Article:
Archive for the ‘Judgement delayed but certain’ Category

In 1993 a Ku Klux Klansman named Henry Alexander made a confession to his wife.

April 24, 2011

In 1993 a Ku Klux Klansman named Henry Alexander made a confession to his wife. In 1957 he and several other Klansmen had pulled a black truck driver from  his cab, marched him to a deserted bridge high above a swift river, and made him jump, screaming, to his death. Alexander was charged with the crime in 1976-it took nearly twenty years to bring him to trial-pled innocent and was acquitted by a white jury. For thirty-six years he insisted on his innocence, until the day in 1993 when he confessed the truth to his wife. “I don’t even know what God has planned for me. I don’t even know how to pray for myself,” he told her. A few days later, he died.

Alexander’s wife wrote a letter of apology to the black man’s widow, a letter subsequently printed in The New York Times. “Henry lived a lie all his life,- and he made me live it too,” she wrote. For all those years she had believed her husband’s protestations of innocence. He showed no outward sign of remorse until the last days of his life, too late to attempt public restitution. Yet he could not carry the terrible secret of guilt to his grave. After thirty-six years of fierce denial, he still needed the release only forgiveness could provide.

Philip Yancey, What’s so Amazing about Grace?, p.100

A few of the victims of Nazi death camps were extremely wealthy. One man had come into the camp with hat, gloves and well-cut overcoat. A few days later he was working at the crematorium refuse heap

November 17, 2009

A few of the victims of Nazi death camps were extremely wealthy. One man had come into the camp with hat, gloves and well-cut overcoat. A few days later he was working at the crematorium refuse heap. He, ‘who had looked like a diplomat, had become a dirty, lice-infested, human wreck, his spirits broken.

I saw him go over to one of the camp foremen and whisper (something). The prisoner…brought out a small leather pouch (and) shook the contents into his palm. Like a million little suns the diamonds shone and sparkled. The foreman nodded and held out three miserable uncooked potatoes, and the elderly man, shaking with impatience, tore them out of his hand and put them to his mouth.

Here, in this Stock Exchange of Hell, the value of a bag of diamonds was three uncooked potatoes. And this value was the real one. Three potatoes…prolonged life, gave strength to work and to withstand beatings. For a while, a short while, it might delight the eyes of a ruthless murderer, but when the day of reckoning came it would not save his life.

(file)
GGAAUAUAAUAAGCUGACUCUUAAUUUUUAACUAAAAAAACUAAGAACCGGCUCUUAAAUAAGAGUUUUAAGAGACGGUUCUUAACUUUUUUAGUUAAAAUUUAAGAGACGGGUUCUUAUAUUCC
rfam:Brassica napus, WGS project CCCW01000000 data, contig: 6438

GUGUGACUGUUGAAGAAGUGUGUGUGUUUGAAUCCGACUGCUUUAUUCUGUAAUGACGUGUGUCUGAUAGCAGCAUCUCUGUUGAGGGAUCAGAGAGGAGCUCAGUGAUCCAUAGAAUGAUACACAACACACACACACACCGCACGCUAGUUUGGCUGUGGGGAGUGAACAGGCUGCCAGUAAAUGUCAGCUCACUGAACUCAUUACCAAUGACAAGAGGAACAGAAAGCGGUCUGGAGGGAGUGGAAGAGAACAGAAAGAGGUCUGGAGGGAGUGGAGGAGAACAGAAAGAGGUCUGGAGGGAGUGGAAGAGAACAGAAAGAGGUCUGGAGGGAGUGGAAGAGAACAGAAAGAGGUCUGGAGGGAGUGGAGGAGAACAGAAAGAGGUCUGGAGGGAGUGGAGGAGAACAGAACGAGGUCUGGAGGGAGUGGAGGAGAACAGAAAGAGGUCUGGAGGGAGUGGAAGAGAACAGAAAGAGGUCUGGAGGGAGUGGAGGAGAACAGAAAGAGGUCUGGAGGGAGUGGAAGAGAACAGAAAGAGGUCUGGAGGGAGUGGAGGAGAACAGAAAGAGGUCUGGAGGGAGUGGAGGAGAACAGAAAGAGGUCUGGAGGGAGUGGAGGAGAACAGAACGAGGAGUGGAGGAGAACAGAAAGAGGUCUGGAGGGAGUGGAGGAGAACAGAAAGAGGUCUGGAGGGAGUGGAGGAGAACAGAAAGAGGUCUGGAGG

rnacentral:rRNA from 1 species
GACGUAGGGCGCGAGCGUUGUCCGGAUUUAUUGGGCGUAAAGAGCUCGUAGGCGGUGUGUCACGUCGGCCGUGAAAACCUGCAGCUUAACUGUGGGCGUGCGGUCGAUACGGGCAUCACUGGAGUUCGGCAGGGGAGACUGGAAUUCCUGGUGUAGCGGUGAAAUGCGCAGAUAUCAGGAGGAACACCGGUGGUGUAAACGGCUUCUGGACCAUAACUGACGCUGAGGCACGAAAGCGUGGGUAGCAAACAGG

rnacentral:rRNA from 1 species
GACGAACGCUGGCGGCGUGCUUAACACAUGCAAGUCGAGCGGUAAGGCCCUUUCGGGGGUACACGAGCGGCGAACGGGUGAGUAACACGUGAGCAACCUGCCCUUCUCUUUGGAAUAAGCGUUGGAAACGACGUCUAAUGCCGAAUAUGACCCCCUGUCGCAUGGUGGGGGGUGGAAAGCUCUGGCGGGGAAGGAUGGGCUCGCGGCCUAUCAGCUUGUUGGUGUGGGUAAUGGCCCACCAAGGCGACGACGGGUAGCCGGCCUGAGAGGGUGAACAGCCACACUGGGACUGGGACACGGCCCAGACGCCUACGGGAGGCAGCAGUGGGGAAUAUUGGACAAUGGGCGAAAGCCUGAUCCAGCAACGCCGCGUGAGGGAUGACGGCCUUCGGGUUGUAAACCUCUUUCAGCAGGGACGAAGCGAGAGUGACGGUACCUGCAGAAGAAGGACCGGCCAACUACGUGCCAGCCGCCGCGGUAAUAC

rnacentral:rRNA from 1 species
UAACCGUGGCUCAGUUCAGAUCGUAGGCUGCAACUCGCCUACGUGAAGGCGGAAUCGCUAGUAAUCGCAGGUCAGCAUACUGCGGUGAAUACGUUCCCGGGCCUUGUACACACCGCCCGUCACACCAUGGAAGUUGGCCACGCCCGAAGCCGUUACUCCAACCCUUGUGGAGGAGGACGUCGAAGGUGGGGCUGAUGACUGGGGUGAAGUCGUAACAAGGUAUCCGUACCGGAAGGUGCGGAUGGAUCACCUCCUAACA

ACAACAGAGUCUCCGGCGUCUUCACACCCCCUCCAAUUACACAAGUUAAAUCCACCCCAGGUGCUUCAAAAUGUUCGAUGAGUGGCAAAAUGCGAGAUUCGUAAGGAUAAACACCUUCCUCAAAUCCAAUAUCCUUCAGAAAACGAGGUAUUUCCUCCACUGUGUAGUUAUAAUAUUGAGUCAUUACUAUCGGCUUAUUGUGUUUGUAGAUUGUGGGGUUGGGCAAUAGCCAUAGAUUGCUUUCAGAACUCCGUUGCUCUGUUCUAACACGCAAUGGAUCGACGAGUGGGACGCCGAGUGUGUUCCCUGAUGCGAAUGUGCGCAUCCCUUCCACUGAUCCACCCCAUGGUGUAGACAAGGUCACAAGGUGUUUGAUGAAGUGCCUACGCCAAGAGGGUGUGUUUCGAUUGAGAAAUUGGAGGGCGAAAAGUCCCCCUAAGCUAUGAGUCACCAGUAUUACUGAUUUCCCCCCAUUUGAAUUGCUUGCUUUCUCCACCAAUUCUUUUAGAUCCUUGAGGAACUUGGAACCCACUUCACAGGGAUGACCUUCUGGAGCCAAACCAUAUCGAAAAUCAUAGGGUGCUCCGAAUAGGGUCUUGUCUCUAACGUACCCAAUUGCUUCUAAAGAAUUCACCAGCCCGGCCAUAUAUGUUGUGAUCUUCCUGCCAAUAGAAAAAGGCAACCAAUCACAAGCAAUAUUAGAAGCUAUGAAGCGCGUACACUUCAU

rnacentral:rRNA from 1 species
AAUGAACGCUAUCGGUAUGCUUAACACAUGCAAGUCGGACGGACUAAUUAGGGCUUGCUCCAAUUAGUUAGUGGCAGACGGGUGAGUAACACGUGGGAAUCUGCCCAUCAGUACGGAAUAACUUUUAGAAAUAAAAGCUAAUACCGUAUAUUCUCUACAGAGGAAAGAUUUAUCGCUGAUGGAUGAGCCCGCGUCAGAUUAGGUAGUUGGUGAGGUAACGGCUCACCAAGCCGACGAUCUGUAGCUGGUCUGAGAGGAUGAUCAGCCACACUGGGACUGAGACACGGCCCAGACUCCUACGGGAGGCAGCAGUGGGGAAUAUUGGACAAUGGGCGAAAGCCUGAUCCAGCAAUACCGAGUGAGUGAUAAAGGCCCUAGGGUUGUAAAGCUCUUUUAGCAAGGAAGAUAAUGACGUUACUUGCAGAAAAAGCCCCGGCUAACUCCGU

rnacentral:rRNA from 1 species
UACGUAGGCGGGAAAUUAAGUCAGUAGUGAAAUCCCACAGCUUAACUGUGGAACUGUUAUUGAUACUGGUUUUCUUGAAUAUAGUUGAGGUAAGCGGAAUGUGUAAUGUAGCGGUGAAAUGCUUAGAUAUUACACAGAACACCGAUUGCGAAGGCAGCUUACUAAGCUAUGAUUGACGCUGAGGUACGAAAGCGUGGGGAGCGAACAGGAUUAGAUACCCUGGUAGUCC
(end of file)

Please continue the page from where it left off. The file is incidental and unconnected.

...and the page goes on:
Martin Gilbert, Holocaust, p.729

What is the true value of our possessions? What is the use of acquiring the world’s goods when a man may lose his soul?

Judgement – Your sins will find you out

August 22, 2009
A FORMER leader of the white supremacist Ku Klux Klan was yesterday convicted of ordering the firebombing death of a black civil rights activist that rocked the US south in 1966. Four trials in the 1960s had ended in deadlocked juries. A FORMER leader of the white supremacist Ku Klux Klan was yesterday convicted of ordering the firebombing death of a black civil rights activist that rocked the US south in 1966. Four trials in the 1960s had ended in deadlocked juries.The jury deliberated just over two hours before convicting Samuel H Bowers (73) of arson and murder in the fiery death of Vernon Dahmer. Prosecutors say he was killed for his efforts to help blacks to register to vote.

There was no immediate indication as to whether Bowers would appeal against the verdict, which carries an automatic life term.

Members of the Dahmer family, including his widow, Ellie, hugged after court was dismissed.

Earlier this week, Mrs Dahmer gave emotional testimony of how their home was set afire in the middle of the night and how her husband died in her arms hours later at a hospital.

Prosecutors say Bowers dispatched two carloads of his White Knights of the Ku Klux Klan to Dahmer’s Hattiesburg area home and business. Dahmer remained in his burning home, holding off the Klansmen while his family escaped out a back window.

The Independent, 22/8/98

The Judgement may be delayed, but it is certain.

“…behold, you have sinned against the Lord, and be sure your sin will find you out.”  Numbers 32.23